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Electronic health records (EHRs) have potential quality and safety benefits. However, reports of EHR-related safety hazards are now emerging. The Office of the National Coordinator (ONC) for Health Information Technology (HIT) recently sponsored an Institute of Medicine committee to evaluate how HIT use affects patient safety. In this paper, we propose the creation of a national EHR oversight program to provide dedicated surveillance of EHR-related safety hazards and to promote learning from identified errors, close calls, and adverse events. The program calls for data gathering, investigation/analysis and regulatory components. The first two functions will depend on institution-level EHR safety committees that will investigate all known EHR-related adverse events and near-misses and report them nationally using standardized methods. These committees should also perform routine safety self-assessments to proactively identify new risks. Nationally, we propose the long-term creation of a centralized, non-partisan board with an appropriate legal and regulatory infrastructure to ensure the safety of EHRs. We discuss the rationale of the proposed oversight program and its potential organizational components and functions. These include mechanisms for robust data collection and analyses of all safety concerns using multiple methods that extend beyond reporting; multidisciplinary investigation of selected high-risk safety events; and enhanced coordination with other national agencies in order to facilitate broad dissemination of hazards information. Implementation of this proposed infrastructure can facilitate identification of EHR-related adverse events and errors and potentially create a safer and more effective EHR-based health care delivery system.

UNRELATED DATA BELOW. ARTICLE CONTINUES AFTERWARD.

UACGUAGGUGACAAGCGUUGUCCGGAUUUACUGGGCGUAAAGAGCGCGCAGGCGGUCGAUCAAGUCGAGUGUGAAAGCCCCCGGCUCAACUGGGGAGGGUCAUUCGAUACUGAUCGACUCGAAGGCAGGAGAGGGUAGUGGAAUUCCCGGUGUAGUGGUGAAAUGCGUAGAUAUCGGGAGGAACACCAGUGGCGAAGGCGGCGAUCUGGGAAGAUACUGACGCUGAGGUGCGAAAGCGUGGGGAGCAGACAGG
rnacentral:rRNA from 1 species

Recent passage of the American Reinvestment and Recovery Act (ARRA) incentivizes health care providers and organizations to implement electronic health records (EHRs) at an unprecedented pace to meet reimbursement timelines. EHR implementation is difficult, costly, time-consuming, and might lead to unintended consequences.1 Post-implementation evaluation often reveals that EHR implementations do not meet minimum safety guidelines,2-4 a concern that is even more pressing now. The aggressive timeline proposed in the ARRA bill does not allow adequate customization of EHR systems to local workflows.5,6 Furthermore, clinicians increasingly share control of complex processes with computers; in some instances, they assume a higher-level oversight role and allow computers to make routine decisions and carry out appropriate actions (e.g., the computer automatically generates a lab order when certain medications are being ordered).7,8 As more advanced clinical decision support (CDS) is embedded into existing EHRs, clinicians and their patients are increasingly reliant upon decisions generated by these systems.9-11 The increasing scope and complexity of tasks that clinicians can perform using EHRs, combined with unprecedented pressure to rapidly adopt these systems, can create a potentially hazardous environment for patient safety.